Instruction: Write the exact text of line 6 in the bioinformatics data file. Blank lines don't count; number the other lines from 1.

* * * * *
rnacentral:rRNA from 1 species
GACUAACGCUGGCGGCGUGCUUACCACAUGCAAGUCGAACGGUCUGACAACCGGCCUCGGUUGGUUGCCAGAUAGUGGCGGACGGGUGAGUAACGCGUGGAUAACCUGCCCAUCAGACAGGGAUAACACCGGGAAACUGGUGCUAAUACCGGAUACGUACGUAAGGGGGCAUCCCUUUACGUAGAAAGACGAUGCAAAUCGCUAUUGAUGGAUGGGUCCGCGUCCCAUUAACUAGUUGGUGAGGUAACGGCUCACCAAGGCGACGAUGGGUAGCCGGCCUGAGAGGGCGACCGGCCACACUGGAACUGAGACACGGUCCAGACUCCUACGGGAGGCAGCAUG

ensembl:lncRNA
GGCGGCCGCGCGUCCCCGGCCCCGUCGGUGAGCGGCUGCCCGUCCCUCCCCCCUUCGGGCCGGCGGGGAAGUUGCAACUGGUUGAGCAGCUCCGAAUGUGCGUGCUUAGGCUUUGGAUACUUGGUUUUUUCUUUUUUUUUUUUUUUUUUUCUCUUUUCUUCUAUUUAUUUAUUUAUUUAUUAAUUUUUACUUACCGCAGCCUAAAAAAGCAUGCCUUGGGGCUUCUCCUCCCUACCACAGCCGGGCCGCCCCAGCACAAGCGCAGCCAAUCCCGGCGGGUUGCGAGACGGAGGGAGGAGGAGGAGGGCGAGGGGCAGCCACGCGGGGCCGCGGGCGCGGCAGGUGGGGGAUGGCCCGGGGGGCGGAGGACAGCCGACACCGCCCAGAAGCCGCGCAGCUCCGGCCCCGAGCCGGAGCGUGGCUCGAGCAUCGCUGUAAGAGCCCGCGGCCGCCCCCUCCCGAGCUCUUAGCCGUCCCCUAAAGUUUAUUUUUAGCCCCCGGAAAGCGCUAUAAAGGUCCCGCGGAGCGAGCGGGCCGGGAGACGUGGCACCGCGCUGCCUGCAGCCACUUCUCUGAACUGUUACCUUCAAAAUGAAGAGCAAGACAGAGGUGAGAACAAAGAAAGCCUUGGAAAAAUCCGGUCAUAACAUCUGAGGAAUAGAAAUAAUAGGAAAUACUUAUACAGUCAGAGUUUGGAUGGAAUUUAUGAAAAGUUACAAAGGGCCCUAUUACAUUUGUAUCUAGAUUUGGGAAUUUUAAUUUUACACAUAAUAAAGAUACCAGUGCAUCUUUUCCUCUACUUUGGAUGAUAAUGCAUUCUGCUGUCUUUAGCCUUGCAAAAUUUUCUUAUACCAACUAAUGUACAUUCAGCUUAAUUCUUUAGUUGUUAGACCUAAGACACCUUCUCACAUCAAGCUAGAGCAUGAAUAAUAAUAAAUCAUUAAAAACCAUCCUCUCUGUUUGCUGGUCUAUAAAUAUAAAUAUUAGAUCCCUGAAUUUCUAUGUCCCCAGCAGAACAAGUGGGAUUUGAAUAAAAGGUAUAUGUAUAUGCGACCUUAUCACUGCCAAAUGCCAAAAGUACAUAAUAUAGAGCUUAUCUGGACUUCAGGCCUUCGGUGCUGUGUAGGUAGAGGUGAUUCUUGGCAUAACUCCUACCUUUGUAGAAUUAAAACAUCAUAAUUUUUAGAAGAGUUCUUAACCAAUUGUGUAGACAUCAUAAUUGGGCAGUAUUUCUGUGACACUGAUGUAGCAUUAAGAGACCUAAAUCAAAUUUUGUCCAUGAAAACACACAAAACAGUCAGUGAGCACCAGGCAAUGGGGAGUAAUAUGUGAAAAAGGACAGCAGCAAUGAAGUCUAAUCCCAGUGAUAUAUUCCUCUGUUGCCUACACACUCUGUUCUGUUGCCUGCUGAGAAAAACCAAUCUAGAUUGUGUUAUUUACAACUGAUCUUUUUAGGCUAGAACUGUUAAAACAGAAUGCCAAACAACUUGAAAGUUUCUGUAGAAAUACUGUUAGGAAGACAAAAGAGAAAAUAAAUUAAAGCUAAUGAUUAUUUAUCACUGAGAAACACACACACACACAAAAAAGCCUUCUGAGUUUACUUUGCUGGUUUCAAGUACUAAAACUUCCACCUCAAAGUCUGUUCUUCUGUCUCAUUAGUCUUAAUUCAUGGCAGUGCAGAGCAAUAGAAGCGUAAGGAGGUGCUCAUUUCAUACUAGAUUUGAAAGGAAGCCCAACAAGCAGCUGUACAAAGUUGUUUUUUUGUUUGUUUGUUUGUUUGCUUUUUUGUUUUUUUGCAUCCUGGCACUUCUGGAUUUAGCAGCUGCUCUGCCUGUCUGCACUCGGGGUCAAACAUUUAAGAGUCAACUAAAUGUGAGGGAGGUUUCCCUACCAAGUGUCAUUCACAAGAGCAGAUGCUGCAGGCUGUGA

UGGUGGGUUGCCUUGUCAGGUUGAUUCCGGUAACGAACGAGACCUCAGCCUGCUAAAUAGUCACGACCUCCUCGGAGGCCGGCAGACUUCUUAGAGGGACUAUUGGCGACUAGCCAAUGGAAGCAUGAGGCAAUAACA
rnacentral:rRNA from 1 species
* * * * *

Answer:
rnacentral:rRNA from 1 species